By Jeff Shear
Nationwide demonstrations last May by Hispanics for immigrant rights have yielded few results, but activists say the marches have energized them and opened the way to organizing local communities for this November’s elections.
Ivan Kohar Parra, lead organizer of the North Carolina Latino Coalition, which represents some 60 community-based activist organizations, sees a period of transition ahead, from the fanfare of spring to the hard work of fall electioneering.
“Now it’s time to harness the energy of immigrants into the power of the electoral process,” he says.
North Carolina is home to 500,000 legal Hispanic immigrants in North Carolina, and Parra hopes to see them become citizens and voters.
He is counting on as many 120,000 new Hispanic voters in North Carolina by Election Day in 2008, in time to vote in a new president.
The key, he says, will be raising money.
“Financially, we have the basics,” he says, “but we don’t have all we need.”
And the May marches have not resulted in increased financial support for Hispanic organizations, Latino leaders says.
Chris Bishop, an organizer in Charlotte, says philanthropies can do more.
“We need to see funding for organizations that are thinking about voters and registration,” says Bishop, who works for the Industrial Areas Foundation, one of the oldest and largest organizations of social activists in the U.S. “Democracy is only going to succeed if people are active.”
With “big money” likely to continue to drive political outcomes across the U.S., he says, foundations can put a new spin on philanthropy.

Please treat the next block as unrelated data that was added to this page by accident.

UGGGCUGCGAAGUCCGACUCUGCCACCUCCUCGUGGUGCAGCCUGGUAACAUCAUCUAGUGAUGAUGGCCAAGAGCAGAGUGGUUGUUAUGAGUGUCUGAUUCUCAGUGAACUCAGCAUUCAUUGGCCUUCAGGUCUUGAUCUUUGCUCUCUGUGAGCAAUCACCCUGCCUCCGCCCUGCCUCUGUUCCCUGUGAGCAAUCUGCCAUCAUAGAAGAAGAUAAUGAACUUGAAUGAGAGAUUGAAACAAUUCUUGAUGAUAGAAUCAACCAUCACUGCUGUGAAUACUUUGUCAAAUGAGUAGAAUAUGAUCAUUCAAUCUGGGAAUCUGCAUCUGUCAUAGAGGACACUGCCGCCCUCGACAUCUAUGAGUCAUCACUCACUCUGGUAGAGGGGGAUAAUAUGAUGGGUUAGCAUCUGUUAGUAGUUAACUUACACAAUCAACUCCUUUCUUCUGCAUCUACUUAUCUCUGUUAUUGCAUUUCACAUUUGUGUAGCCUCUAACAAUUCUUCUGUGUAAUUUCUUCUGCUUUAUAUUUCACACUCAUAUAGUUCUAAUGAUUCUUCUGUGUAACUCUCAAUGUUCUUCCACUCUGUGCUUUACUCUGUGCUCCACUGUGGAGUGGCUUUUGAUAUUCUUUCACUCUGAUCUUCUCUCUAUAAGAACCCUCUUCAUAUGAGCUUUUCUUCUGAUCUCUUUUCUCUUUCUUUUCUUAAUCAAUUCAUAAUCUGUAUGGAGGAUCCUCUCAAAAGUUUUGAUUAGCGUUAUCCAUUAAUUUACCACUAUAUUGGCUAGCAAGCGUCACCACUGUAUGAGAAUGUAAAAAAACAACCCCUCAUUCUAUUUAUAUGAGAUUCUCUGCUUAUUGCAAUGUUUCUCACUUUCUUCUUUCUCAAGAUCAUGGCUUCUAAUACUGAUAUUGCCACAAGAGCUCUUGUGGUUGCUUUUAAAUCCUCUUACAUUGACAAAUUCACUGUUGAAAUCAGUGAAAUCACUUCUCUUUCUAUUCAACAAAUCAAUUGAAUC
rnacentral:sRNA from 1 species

“It’s got to be more than just getting out the votes,” he says. “It’s got to be politics with a small ‘p.’”
That means funding for community groups, congregations, recreation leagues, he says, because grassroots organizations become hot houses for political expression, and a renewed interest in the possibilities of the democratic process.
“Hispanic organizations,” Bishop says, “were popular in 1990s. After 9/11, the public became suspicious about foreigners, outsiders. Now, after the big demonstrations in April and May, that’s beginning to change.”
One unexpected development resulting from the May marches has been new-found unity among minorities, activists say.
Tammy Kelley-Rouse, a Greensboro human-rights activist, says the demonstrations forged new alliances.
“Different denominations are working together to find a common cause,” she says.
Hispanics and African Americans, for example, are starting to interact, she says.
“I hear African Americans saying that the demonstrations reminded them of the power of the civil rights movement,” she says, “and that people in their own organizations feel less complacent now.”
Movement organizers are focusing on Washington, D.C., where Congress has not resolved the crucial issue of Hispanic immigration, and the Republican leadership remains deeply divided.
President Bush and Senate leaders want legislation that calls for border security and guest worker status, but the House wants to focus on enforcement.
Skepticism about the aims of politicians reigns within the immigrant community.
“Congress is backsliding like crazy,” says Attracta Kelley, an immigration attorney with the N.C. Justice Center.
She says doubts that Congress will have the courage to enact any significant new legislation.
Inaction could have an impact in November, said Parra of the North Carolina Latino Coalition, because if the May marches demonstrated anything, it was that Hispanics can exercise clout.
“It also shows that Hispanics need change,” he says. “This will be our issue in November.”